Fort Collins sees how it’s Doing, Gets Better, All with CRS
As one of the very-highest rated members of the Community Rating System, Fort Collins, Colorado—a CRS Class 2 as of May 2016—can rightfully boast of numerous achievements in developing and maintaining its comprehensive floodplain and stormwater management programs. Although much of the City’s initiatives were underway before it joined the CRS, the City credits the CRS with supplying both a roadmap and tangible metrics to help.
“The CRS gives our data driven policy makers a way to gauge how we are doing in floodplain and stormwater management compared to other communities,” says Marsha Hilmes-Robinson, Floodplain Administrator. The flood insurance premium discounts Fort Collins earns through the CRS are not really the driving force they are with other CRS communities, because Fort Collins has relatively small floodplains and thus a low NFIP policy base. “But how Fort Collins is doing compared to other communities does matter to our decision-makers. The CRS provides that data. The CRS is really it,” she says.
Fort Collins’s 150,000 people occupy 56 square miles at the base of the Rocky Mountains in north central Colorado. Rivers and streams drain the mountain watersheds and flow through city on the way to the plains, posing challenges to managing seasonal and storm-related high flows and occasional risk of flash floods.
Over the years the City has developed a thorough network of mitigation and management approaches for addressing stormwater issues, protecting open space, providing for detention basins, and adopting and enforcing strict standards for development, buildings, and infrastructure.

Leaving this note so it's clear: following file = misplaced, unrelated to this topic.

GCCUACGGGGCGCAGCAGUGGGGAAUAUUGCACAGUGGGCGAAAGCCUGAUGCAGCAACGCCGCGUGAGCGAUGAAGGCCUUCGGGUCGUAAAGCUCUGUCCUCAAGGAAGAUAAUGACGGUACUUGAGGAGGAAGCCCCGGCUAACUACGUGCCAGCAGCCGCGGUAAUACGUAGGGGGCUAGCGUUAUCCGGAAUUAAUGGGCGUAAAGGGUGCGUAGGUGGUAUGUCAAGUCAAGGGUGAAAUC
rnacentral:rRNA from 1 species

A Program for Public Information
A more recent focus for the City has been bolstering its already-robust public outreach efforts.
When the new CRS-credited activity “program for public information” was introduced in 2013, Fort Collins undertook to develop one as a new tool for itself. “We gathered a group to develop a Program for Public Information, following the process in the CRS Coordinator’s Manual,” Hilmes-Robinson explains.
The committee drew up a public outreach strategy, identified priority audiences and the flood-related messages that those audiences need to receive, made a list of projects to convey those messages, and set a schedule for implementing them.
An unanticipated outcome of the CRS PPI process, according to Hilmes-Robinson, was getting people talking who had never gotten together before. “We developed a better relationship with outside entities, such as the Board of Realtors® and Colorado State University, neither of which had been active participants up until then.”
Two notable outreach projects the City conducts are a brochure and signs on city benches.
- The City revised its brochure about safety and flood insurance that it sends to people who live in the floodplains. “The CRS guidelines for PPI credit helped us make the messages in the brochure more action-oriented,” Hilmes-Robinson notes.
- Signs on benches—The City had received compliments on the visibility and memorability of flood-related messages posted on bus-stop benches. “So it made sense to include that outreach project in our strategy and receive CRS credit for it,” Hilmes-Robinson explains. They feature messages about flood safety—“Don’t Drive through Floodwaters.”